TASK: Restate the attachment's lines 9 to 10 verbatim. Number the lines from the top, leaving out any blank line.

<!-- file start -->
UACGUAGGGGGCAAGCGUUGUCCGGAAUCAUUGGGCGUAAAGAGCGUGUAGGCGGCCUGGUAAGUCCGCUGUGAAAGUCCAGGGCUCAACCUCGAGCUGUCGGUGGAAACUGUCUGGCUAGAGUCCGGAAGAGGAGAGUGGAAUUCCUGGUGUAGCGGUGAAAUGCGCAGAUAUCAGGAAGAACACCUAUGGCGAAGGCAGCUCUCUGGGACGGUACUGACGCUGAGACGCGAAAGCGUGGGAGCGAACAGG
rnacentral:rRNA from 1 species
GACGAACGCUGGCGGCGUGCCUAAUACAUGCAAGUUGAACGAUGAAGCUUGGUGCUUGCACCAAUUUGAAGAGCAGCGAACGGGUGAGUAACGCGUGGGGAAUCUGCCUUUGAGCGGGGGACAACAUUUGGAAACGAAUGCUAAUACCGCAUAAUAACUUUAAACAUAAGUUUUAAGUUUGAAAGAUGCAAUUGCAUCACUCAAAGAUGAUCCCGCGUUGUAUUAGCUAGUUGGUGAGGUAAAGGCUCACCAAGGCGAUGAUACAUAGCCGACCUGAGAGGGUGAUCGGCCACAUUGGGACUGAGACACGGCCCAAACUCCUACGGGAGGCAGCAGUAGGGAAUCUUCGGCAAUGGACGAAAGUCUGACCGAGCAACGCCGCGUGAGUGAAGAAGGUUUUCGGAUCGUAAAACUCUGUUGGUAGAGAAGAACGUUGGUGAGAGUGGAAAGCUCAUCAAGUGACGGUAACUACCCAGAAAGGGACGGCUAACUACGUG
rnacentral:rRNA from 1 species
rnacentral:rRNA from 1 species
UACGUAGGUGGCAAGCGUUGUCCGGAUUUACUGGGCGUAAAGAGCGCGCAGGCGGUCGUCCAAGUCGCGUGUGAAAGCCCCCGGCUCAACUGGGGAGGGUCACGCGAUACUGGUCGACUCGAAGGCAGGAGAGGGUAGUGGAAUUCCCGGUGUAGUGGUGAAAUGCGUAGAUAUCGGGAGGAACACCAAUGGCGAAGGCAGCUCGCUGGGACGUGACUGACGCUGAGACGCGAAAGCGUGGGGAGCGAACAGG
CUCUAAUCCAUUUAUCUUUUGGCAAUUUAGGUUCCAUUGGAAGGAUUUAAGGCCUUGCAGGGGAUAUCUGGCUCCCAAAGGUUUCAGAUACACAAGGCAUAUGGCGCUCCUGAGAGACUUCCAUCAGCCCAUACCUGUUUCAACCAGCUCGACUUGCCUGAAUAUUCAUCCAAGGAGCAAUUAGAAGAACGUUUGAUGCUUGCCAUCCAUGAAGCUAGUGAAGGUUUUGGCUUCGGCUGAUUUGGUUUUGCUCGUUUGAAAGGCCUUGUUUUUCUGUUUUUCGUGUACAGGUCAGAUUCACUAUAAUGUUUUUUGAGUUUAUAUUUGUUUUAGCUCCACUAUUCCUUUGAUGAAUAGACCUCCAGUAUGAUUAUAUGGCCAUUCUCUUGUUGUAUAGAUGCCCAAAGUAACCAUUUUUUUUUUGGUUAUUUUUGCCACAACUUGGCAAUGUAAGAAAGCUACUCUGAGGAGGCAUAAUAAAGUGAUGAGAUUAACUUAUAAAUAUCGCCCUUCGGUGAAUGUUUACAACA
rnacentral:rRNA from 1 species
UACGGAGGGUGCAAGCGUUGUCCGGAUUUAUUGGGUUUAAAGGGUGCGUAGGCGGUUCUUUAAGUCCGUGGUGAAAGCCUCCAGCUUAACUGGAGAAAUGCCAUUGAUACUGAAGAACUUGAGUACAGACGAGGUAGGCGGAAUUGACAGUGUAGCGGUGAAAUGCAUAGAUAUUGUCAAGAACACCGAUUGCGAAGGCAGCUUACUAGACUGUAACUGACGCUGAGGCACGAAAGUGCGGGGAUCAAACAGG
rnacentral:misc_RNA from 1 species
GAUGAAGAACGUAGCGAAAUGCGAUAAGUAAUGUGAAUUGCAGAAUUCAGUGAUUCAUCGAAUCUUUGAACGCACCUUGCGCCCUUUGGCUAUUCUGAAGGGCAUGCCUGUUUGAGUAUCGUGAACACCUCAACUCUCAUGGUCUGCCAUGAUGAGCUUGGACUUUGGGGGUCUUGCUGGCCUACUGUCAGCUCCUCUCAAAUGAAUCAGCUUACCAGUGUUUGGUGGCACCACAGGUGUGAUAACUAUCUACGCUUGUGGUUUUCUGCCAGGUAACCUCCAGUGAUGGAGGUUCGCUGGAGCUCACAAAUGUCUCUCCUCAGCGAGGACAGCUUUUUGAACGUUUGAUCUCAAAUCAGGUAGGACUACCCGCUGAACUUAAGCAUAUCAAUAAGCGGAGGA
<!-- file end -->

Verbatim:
UACGGAGGGUGCAAGCGUUGUCCGGAUUUAUUGGGUUUAAAGGGUGCGUAGGCGGUUCUUUAAGUCCGUGGUGAAAGCCUCCAGCUUAACUGGAGAAAUGCCAUUGAUACUGAAGAACUUGAGUACAGACGAGGUAGGCGGAAUUGACAGUGUAGCGGUGAAAUGCAUAGAUAUUGUCAAGAACACCGAUUGCGAAGGCAGCUUACUAGACUGUAACUGACGCUGAGGCACGAAAGUGCGGGGAUCAAACAGG
rnacentral:misc_RNA from 1 species